Can Stevens really withhold funding for areas which don’t plan together?

The NHS England chief indicated he was considering making part of local funding - for both commissioners and providers - subject to local health economies agreeing joint four year “shared sustainability and improvement plans” by the summer.

It is not unusual for the centre to hold back part of allocations and to make its release dependent on approved plans. Contract rules could also be changed to link provider income to signing up to new joint strategies.
Such a move might simplify the many financial incentives in the system - something Mr Stevens is known to be keen on - as well as giving national bodies strong control over funding flows and the shape of joint planning.

The success of this approach in coming years, however, will depend on whether Mr Stevens successfully secures additional “transformation” funding in the spending review to put in this pot, or whether it would have to come from a top slice of the £8bn real terms increase the service is already expecting to receive to pay for growth.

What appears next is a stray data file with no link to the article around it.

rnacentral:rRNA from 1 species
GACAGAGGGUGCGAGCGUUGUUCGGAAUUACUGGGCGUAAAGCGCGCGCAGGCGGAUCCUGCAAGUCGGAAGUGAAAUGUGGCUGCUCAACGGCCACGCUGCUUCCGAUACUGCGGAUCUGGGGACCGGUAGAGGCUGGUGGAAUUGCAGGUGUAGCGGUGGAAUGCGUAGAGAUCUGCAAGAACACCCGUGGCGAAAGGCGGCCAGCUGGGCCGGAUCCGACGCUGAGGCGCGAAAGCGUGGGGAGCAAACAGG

Finances are now so tight in so many areas, it would be extremely difficult to top slice much from allocations in the latter scenario. Refusing to release funding growth for services in severe distress could visibly damage care access and quality, and could be virtually impossible to justify.

It is hard to see how NHS England could on the one hand tell the chancellor it requires at least £8bn just to stay above water, while at the same time as indicating some of it might be held back from the front line.